Grab-bags at the ready just in case
No matter what city Olivia Dovey lives in, she knows she will always be prepared.
The former Cantabrian lives in Pukerua Bay these days.
But in 2010 and 2011 she was living in Christchurch and suffered through the two major earthquakes, the second of which killed 185 people and destroyed thousands of homes and businesses.
Dovey said she was unprepared beforehand, but now understood how important it was to have survival kits at home and at work.
‘‘ It’s something every family and workplace should have.
‘‘You need to be prepared,’’ she said.
Dovey’s emergency kit is the one she had through the Christchurch earthquakes.
It was packed up when she moved to Wellington in April, and remains under her desk at Porirua City Council.
‘‘We had to be prepared. Everyone did.
‘‘Even if you went out for lunch you took your kit.’’
Dovey said her work survival kit did contained the ‘‘ bare minimum’’ and was only there to help her get home.
‘‘There’s a first aid kit in there, spare clothes, food, toilet paper, and walking shoes. It would probably last me about 24 hours.’’
At home, Dovey runs a full pantry but has first aid kits, torches and batteries, toilet paper, ample food and water, and other useful items in her family’s survival kit. Nappies and baby food are also included because of her young family.
Dovey said having an emergency plan was also essential.
‘‘It’s important to know what the arrangements are with your family and where you will head if there is a disaster.
‘‘It’s also about being prepared yourself, and the recent floods were a good reminder of this.’’
Trevor Farmer, who has worked in emergency management for nearly 10 years, said what people didn’t quite understand was that an emergency kit is only the start.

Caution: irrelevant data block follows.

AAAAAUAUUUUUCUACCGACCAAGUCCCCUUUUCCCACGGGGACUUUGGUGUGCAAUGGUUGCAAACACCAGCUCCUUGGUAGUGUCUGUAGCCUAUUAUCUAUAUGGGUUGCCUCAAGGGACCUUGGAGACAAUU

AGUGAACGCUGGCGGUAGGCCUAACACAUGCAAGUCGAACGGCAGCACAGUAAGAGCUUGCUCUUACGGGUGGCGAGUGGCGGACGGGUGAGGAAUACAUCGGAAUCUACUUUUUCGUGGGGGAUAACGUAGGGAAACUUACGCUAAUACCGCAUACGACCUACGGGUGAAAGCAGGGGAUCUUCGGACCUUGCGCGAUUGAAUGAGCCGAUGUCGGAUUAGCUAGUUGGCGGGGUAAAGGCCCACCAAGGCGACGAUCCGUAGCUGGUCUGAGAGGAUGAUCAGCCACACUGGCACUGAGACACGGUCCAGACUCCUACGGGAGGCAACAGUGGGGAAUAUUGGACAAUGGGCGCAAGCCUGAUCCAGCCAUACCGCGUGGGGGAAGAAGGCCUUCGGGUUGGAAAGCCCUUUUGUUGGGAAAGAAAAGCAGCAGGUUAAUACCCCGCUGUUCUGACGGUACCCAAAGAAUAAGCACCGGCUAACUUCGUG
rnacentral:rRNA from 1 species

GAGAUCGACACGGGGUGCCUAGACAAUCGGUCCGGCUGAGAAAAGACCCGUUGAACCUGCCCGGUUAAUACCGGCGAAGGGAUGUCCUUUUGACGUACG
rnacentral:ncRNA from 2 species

‘‘Yes, an emergency kit is there to get you through some stuff, but make other arrangements. In an emergency, you’re going to have to be prepared not to go home,’’ Farmer said. ‘‘That’s the sort of thinking we want people to have. Having a grab- bag [ emergency kit] is great, as is having a first aid certificate, but you need to have plans for if there is an emergency.’’
Farmer said his son lived in Wadestown and that if he was unable to get home that was where he would go. He said key items that should be in a grab-bag were appropriate footwear, a windbreaker, food and a torch.
Former Tawa resident Shenah Rowe said she felt she would also be prepared if something happened and said her survival kit was huge.
Rowe’s kit consists of tents, air beds, camp stretchers, sleeping bags, multiple gas barbecues, nonperishable food, water, 10 medical kits, a wind-up torch that is also a radio and can be used to charge mobile phones, as well as some small solar panels that can be used to power or charge things.
Her family keep chickens and goats that could be used for food.
Olivia Dovey knows the importance of being prepared.